Head coach: Dan Campbell
Draft grade: B+
Round 1, No. 7: Penei Sewell, OT, Oregon
Round 2, No. 41: Levi Onwuzurike, DT, Washington
Round 3, No. 72: Alim McNeill, DT, NC State
Round 3, No. 101: (Via L.A. Rams) - Ifeatu Melifonwu, CB, Syracuse
Round 4, No. 112: Amon-Ra St. Brown, WR, USC
Round 4, No. 113: (Via trade with Browns) - Derrick Barnes, LB, Purdue
Round 7, No. 257: (Via trade with Browns) - Jermar Jefferson, RB, Oregon
Heading into the 2021 NFL Draft, the Lions were rumoured to select a wide receiver with their first-round pick. However, with offensive linemen Penei Sewell falling right into the palms of Detroit at seventh overall, there was no hesitation on their selection. Sewell was graded as the top offensive lineman in the draft, and the Lions draft room erupted with elation after the pick was announced by the NFL Commissioner Roger Goodell. The Lions managed to address a few key positions in this draft; their defensive line, which was one of the worst in the league last season, now gets a boost with two new defensive tackles, but it still doesn’t seem like two defensive tackles, a cornerback and a linebacker will be enough to turn this defense around. Although, it’s a step in the right direction.
Lions fans should pay particular attention to wide receiver Amon-Ra St. Brown out of USC [Universtiy South California]. With the Lions having such a depleted receiving core, it's not bonkers to think that St. Brown could quickly find himself as a primary option for the Lions and develop into a reliable pass-catching option for Goff.
Overall, the Lions performed well in the draft. They managed to draft quality players and didn’t reach on too many picks. Failure to select more offensive weapons leaves their offense in disarray after losing Marvin Jones Jr. and Kenny Golladay in the offseason. However, it was still a respectable draft for the Lions.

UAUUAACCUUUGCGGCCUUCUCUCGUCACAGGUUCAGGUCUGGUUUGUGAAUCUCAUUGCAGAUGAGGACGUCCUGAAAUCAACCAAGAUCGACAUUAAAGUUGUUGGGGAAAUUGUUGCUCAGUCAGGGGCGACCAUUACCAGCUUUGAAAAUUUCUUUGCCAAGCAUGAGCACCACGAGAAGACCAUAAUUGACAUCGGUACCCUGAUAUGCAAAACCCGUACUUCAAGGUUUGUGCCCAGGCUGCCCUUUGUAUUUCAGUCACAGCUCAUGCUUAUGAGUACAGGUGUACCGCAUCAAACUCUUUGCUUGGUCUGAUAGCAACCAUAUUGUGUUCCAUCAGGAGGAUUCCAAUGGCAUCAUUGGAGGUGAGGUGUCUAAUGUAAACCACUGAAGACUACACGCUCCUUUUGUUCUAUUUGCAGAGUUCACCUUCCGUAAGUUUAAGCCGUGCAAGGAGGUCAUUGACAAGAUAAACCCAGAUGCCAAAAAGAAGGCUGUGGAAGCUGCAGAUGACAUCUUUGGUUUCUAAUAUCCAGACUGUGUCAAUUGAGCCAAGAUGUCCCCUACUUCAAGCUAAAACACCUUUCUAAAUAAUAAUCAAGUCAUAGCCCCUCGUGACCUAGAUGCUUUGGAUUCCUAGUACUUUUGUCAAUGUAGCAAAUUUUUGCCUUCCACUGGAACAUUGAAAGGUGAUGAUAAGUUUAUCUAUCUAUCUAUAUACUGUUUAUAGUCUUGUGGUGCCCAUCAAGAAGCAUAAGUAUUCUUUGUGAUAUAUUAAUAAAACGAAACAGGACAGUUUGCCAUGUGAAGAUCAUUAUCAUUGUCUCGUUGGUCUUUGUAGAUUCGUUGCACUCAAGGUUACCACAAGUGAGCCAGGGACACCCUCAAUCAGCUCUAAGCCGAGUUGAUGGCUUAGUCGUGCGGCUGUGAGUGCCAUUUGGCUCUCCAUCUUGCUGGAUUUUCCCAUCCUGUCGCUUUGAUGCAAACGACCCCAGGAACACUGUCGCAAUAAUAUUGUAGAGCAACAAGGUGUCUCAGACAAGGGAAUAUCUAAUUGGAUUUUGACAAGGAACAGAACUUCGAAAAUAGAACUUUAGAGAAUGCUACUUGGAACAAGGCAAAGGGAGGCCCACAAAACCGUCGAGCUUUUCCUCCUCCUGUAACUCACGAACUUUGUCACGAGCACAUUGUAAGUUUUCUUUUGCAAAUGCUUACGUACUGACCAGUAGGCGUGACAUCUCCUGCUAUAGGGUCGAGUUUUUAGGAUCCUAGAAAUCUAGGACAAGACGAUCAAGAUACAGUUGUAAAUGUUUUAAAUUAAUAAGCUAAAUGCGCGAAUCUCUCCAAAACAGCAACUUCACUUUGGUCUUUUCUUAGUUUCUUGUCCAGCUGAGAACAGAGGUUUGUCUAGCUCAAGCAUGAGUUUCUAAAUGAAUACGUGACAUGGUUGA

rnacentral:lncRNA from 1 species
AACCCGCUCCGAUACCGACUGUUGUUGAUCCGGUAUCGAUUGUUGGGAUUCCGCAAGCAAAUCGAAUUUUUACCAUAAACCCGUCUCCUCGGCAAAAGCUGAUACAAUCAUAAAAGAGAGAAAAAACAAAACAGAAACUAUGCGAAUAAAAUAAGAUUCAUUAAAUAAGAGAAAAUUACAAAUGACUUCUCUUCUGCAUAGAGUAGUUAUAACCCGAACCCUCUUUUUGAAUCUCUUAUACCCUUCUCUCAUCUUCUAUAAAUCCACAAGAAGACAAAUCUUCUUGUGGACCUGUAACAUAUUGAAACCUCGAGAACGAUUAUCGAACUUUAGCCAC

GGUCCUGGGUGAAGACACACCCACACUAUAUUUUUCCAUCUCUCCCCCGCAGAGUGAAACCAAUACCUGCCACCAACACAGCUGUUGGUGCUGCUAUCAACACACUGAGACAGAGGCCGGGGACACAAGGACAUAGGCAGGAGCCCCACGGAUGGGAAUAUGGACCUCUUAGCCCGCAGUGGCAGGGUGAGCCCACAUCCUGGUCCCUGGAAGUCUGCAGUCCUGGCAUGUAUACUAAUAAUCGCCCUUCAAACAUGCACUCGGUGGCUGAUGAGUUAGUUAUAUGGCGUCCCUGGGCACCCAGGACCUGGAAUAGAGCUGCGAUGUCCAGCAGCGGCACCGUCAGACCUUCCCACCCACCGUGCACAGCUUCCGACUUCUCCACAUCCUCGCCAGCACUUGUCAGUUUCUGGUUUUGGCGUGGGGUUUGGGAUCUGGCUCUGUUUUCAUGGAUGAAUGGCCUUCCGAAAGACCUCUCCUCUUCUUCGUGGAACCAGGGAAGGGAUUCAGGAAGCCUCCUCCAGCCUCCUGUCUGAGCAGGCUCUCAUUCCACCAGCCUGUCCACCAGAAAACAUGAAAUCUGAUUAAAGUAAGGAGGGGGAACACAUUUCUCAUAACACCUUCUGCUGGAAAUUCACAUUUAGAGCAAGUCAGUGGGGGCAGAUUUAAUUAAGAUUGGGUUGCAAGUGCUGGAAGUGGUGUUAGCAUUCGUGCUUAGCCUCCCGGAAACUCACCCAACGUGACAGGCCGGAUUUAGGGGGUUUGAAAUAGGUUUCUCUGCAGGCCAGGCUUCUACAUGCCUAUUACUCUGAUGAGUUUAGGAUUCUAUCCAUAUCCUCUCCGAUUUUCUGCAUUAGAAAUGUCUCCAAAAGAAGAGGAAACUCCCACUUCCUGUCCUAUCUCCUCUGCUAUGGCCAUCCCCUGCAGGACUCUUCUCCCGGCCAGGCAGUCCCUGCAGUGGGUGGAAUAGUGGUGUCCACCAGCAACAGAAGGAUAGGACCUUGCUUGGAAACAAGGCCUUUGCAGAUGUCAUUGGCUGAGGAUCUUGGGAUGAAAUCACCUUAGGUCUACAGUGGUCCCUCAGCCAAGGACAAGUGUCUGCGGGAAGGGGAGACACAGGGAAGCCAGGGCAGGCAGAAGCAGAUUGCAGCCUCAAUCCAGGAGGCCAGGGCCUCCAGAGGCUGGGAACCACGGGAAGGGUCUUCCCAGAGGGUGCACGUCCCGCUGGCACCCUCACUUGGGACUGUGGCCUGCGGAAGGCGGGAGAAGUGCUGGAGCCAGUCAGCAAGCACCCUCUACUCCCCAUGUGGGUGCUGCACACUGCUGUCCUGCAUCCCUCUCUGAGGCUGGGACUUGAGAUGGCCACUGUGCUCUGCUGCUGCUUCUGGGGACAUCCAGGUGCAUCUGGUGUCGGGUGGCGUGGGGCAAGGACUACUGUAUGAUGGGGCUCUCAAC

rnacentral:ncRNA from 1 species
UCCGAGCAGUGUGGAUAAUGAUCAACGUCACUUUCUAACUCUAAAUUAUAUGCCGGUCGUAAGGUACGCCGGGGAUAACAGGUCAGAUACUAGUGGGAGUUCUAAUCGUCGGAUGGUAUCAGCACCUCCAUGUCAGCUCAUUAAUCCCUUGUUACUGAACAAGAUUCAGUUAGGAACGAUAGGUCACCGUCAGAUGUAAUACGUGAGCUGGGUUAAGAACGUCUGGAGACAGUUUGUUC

Head coach: Mike Zimmer
Draft grade B-
Round 1, Pick No. 23: Christian Darrisaw, OT, Virginia Tech
Round 3, Pick No. 66: Kellen Mond, QB, Texas Tech
Round 3, Pick No. 78: Chazz Surratt, LB, North Carolina
Round 3, Pick No. 86: Wyatt Davis, OG, Ohio State
Round 3, Pick No. 90: Patrick Jones II, EDGE, Pitt
Round 4, Pick No. 119: Kene Nwangwu, RB, Iowa State
Round 4, Pick No. 125: Camryn Bynum, CB, California
Round 4, Pick No. 134: Janarius Robinson, DE, Florida State
Round 5, Pick No. 157: Ihmir Smith-Marsette, DT, Iowa
Round 5, Pick No. 168: Zach Davidson, TE, Central Missouri
Round 6, Pick No. 199: Jaylen Twyman, DT, Pittsburgh
The Vikings’ draft certainly didn’t go as planned. Draft rumours flooded social media in the days after the draft that claimed the Vikings were interested in the Bears’ first-round pick, Justin Fields. Footage emerged of the Carolina Panthers getting a call from the Vikings who were trying to bump up their draft position in order to select Fields or Rashawn Slater. The Vikings’ offer didn’t tempt the Panthers into a trade. In the end, the Vikings did find a solution to their quarterback crisis. They drafted Texas A&M quarterback Kellen Mond at 66th overall in the third-round. It’s not their first choice, but Mond has a high ceiling and Minnesota certainly has the offensive firepower to facilitate the growth of a young quarterback.
With Cousins’ contract expiring next season, if Mond impresses in pre-season, he could become the franchise quarterback. Expect to hear the Mond vs Cousins debate a lot this season...
Selecting two offensive linemen within their first four selections, the Vikings didn’t shy away from revealing what their number one priority was in the draft: protecting Cousins! After an abysmal 2020/2021 season for the Vikings' offensive line, new additions at guard and tackle should provide the foundation for a solid offensive line that the Vikings can build on in the future. Selecting offensive tackle Christian Darrisaw at pick 23 was a tremendous steal for the Vikings.
In conclusion, the Vikings had a decent draft and certainly got a few players that should do a great job in filling some of the frail positions on their roster. However, failure to be aggressive in their pursuit of Justin Fields lands the Vikings in an awkward situation as Fields ended up at their fierce rivals: the Chicago Bears. The Vikings’ weak attempt to land Fields could haunt them for many seasons to come.
Head coach: Matt Nagy
Draft grade: A+
Round 1, pick No. 11 (from NYG) – Justin Fields, QB, Ohio State
Round 2, pick No. 39 (from CAR) – Teven Jenkins, OT, Oklahoma State
Round 5, pick No. 151 (from CAR) – Larry Borom, OT, Missouri
Round 6, pick No. 217 (from TB through SEA) – Khalil Herbert, RB, Virginia Tech